Receipt Inside McDonald's Bag Brought Down Corrupt Cop

Stolen money traced to him thanks to credit card payment
By Evann Gastaldo,  Newser Staff
Posted Jun 19, 2018 6:02 PM CDT
Updated Jun 24, 2018 7:33 AM CDT
Receipt Inside McDonald's Bag Brought Down Corrupt Cop
A bag of food from McDonald's ordered through the Postmates service sits next to a Postmates delivery bag during a delivery in New York on Wednesday, May 6, 2015.   (AP Photo/Candice Choi)

Kyle Willett, then a detective on the Louisville Metro Police's drug task force, got some food at a McDonald's drive-thru before heading back to work one day back in 2016—and it was the receipt from that fast food stop that led to his downfall, the Courier-Journal reports. While still in his car outside the UPS global shipping hub where he intercepted drug shipments, he opened a box believed to be heading from local drug dealers to large-scale distributors in California and stole around $40,000 in cash from it. But before re-sealing it and sending it on its way, he crumpled up his McDonald's bag—including the receipt—and tossed it inside. He had paid with a credit card, and when another drug task force in California intercepted and opened the package, expecting to find evidence, they instead found the cash missing. But investigators were able to trace the credit card digits on the receipt to Willett.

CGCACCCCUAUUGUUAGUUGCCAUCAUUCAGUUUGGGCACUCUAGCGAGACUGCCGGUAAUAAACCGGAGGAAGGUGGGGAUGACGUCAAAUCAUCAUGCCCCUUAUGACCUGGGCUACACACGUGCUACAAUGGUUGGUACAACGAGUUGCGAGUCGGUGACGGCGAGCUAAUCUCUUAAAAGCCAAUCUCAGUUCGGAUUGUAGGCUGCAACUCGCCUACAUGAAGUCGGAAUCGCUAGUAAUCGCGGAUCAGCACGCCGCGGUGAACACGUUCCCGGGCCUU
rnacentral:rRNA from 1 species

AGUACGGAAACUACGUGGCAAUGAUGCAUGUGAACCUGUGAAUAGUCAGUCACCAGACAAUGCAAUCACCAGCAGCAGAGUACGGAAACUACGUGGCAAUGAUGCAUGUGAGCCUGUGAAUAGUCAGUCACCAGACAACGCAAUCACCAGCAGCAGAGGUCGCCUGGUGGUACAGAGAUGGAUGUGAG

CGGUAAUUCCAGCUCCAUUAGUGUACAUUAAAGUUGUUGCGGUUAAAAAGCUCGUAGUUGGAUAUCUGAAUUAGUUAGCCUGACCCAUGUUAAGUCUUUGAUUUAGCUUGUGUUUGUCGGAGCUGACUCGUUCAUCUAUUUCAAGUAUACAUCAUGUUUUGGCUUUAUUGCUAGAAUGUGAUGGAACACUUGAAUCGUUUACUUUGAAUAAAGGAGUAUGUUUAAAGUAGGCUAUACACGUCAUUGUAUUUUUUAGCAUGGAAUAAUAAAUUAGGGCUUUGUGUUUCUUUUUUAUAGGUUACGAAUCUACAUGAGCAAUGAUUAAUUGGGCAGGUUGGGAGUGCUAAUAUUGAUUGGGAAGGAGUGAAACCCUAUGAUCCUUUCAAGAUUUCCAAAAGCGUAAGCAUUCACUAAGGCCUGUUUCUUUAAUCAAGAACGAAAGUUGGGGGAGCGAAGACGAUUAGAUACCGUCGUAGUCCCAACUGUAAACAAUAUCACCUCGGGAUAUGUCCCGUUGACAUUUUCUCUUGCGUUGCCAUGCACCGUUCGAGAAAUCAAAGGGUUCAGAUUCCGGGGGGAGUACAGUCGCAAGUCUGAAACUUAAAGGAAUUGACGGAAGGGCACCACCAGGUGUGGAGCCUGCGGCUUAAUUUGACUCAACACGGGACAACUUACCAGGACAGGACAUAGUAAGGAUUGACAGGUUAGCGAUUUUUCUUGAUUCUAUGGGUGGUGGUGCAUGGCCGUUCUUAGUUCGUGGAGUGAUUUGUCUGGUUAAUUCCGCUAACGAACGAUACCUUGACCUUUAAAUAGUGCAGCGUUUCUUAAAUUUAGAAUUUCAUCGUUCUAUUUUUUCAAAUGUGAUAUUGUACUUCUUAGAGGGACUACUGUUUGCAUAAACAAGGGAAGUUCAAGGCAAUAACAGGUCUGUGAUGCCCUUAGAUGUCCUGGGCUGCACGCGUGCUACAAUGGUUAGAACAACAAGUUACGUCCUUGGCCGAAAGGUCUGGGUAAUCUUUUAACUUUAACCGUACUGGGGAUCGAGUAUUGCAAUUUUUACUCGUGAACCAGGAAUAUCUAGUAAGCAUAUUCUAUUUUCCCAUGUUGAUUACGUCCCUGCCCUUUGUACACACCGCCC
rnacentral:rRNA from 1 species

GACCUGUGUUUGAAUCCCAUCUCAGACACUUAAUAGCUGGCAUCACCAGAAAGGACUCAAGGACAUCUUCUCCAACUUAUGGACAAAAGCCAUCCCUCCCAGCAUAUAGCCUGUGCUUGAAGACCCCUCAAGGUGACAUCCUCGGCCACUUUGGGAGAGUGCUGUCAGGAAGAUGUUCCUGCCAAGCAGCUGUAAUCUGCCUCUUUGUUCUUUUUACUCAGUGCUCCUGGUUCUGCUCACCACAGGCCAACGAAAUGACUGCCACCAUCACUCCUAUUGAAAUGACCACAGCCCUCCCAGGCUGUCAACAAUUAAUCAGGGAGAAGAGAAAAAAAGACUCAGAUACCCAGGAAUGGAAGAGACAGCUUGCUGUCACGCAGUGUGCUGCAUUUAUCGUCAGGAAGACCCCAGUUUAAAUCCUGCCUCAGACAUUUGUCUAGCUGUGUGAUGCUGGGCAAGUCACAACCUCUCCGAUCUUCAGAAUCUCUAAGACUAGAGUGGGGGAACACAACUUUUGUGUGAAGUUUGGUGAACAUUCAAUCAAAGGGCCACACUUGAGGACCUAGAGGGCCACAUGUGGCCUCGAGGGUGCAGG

They also found surveillance footage of his car, purchased by the police department, in the drive-thru on the time and date the receipt read. Surveillance cameras were placed inside the SUV, and when Willett stole cash from another package, it was captured on video. Willett, who had previously been considered one of the most accomplished detectives on the force and had been featured on the true crime TV show The First 48, ended up leaving the force and pleading guilty to felony theft. But the probe into his crimes also ended up uncovering a questionable practice undertaken by other members of the task force, dubbed the "sneak-n-peek," in which officers would take packages into their cars and open them before obtaining a search warrant. The task force ended up losing federal funding and was shut down for 19 months before being restarted with all new members. See the Courier-Journal for the full story. (More corrupt cops stories.)

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